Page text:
Our office successfully recovered $155,000 for decubitus ulcers of nursing home resident.
Decubitus ulcers, or bedsores, result from prolonged pressure that cuts off the blood supply to the skin, causing the skin and other tissue to die. The damage may occur in as little time as 12 hours of pressure, but it might not be noticed until days later when the skin begins to break down. The skin is especially likely to develop pressure sores if it is exposed to rubbing (friction) and moving the skin in one direction and the body in another (shear), as in sliding down when the bed head is raised. Dampness (such as from perspiration or incontinence) makes the skin even more liable to develop pressure sores.
Nursing home residents that are immobile are at the greatest risk of getting bedsores. This includes nursing home residents who are recovering from strokes, spinal cord injuries, nerve disorders, mental disorders, paralysis, and generally immobile residents. Most decubitus ulcers occur in the elderly, those over the age of 70.
Nursing home residents who do not get good nutrition (malnourished or undernourished), have incontinence (problems with bladder or bowel control), diabetes, or problems with blood flow (circulation) also have increased risk.
A decubitus ulcer appears first as a reddened area of skin, which then starts to break down to form an open, raw, oozing wound.
Bedsores occur at areas of abnormal pressure on the body. If the nursing home resident is sitting for a long time, this is usually the tailbone (coccyx) or buttocks area, shoulder blades, spine, or backs of the arms or legs. If the nursing home resident is in bed for a long time, they may occur on the back of the head, ears, shoulder blades, hips, lower back, tailbone, or the backs or sides of the knees, elbows, ankles, or toes.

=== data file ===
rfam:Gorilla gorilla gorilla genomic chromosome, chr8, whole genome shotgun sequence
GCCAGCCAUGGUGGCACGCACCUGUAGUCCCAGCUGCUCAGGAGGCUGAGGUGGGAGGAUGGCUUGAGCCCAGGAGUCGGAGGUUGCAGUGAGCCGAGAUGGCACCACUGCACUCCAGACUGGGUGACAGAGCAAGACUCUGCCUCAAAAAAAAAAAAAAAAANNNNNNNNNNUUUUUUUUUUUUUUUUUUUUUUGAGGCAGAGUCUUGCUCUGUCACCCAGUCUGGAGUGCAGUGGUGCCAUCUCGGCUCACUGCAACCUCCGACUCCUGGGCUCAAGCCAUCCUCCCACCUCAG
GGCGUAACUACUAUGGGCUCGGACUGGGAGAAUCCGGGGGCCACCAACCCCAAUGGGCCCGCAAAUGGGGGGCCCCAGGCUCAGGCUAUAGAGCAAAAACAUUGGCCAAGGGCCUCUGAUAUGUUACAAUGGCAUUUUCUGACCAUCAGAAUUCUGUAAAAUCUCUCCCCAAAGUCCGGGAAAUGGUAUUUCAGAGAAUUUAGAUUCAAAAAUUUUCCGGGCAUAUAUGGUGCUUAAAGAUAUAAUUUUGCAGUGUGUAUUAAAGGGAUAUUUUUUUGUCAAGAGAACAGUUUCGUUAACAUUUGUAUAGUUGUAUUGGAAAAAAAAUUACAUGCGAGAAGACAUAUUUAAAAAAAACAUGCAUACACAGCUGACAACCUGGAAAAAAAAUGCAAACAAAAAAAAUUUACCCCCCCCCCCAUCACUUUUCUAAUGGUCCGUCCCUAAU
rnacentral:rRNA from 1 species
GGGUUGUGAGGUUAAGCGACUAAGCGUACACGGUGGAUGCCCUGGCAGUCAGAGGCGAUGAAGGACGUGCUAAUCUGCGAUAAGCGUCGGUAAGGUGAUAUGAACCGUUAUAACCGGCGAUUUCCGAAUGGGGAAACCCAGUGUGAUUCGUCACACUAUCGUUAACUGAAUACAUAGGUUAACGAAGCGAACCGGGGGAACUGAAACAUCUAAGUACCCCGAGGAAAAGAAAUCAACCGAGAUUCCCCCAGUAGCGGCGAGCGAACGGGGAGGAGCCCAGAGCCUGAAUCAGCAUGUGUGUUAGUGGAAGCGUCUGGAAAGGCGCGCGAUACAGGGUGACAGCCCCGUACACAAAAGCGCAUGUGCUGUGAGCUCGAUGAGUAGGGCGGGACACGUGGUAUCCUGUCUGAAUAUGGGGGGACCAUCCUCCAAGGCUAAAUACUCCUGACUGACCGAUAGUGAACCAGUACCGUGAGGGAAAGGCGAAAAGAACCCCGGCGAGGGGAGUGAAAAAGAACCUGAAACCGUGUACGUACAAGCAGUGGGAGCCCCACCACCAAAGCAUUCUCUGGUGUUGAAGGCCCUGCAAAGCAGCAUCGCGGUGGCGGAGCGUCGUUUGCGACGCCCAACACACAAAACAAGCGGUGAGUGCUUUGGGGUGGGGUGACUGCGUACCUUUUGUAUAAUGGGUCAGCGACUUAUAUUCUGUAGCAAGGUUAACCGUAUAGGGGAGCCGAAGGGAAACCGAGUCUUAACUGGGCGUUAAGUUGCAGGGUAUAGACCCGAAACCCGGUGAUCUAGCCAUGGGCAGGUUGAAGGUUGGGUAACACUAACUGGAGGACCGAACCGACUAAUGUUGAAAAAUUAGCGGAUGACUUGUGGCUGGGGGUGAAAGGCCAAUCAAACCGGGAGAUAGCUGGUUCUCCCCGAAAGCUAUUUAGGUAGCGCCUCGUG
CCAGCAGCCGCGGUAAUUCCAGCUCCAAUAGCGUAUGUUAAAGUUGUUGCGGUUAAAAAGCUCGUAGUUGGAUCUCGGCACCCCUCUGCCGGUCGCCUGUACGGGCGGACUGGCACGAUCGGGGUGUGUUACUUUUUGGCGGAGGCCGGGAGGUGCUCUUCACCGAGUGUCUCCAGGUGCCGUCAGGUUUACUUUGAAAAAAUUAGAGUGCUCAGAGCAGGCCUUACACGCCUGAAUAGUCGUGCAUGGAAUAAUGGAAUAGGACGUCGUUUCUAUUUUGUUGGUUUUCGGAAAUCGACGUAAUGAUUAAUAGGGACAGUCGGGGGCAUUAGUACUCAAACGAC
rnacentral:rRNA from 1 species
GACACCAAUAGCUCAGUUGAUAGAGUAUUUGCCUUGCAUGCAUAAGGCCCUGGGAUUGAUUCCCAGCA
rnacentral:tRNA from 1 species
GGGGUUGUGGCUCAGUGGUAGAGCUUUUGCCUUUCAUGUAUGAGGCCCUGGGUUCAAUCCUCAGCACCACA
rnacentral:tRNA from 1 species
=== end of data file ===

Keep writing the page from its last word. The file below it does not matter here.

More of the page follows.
Decubitus ulcers occur in four stages. Stage 1 has unbroken, but pink or ashen (in darker skin) discoloration with perhaps slight itch or tenderness. Stage 2 has red, swollen skin with a blister or open areas. Stage 3 has a crater-like ulcer extending deeper into the skin. Stage 4 extends to deep fat, muscle, or bone and may have a thick black scab.
You should know that many times decubitus ulcers are the result of malpractice by the nursing home. Malpractice can take many forms, such as failure to properly monitor the resident, or follow physicians orders regarding turning the patient on a regular schedule, or inadequate nutrition, or keeping the resident clean and dry. The list goes on and on.
Once you begin to suspect malpractice by the nursing home, you must now prove it. Suspecting there is nursing home malpractice and proving it are two entirely different concepts. The medical records will show excellent care provided to the resident. The records will show faithful and timely bed turning, adherence to scrupulous medication schedules, excellent feeding and nutrition, constant supervision, and appropriate and attentive care. The nursing home will provide other reasons for the decline in the health of the resident. The resident has prior medical conditions. The resident is old. The resident refuses to eat. The resident is uncooperative. The resident was not careful. The list goes on and on.
If your loved one has decubitus ulcers (i.e. bed sores), or you believe your loved one may be a victim of nursing home malpractice, call our office immediately. THE LAW OFFICE OF CHARLES J. GALE has over thirty years of experience in prosecuting claims of nursing home malpractice. Call (312) 372-0300. There is no fee for the consultation. There is no fee at all unless we win and we recover.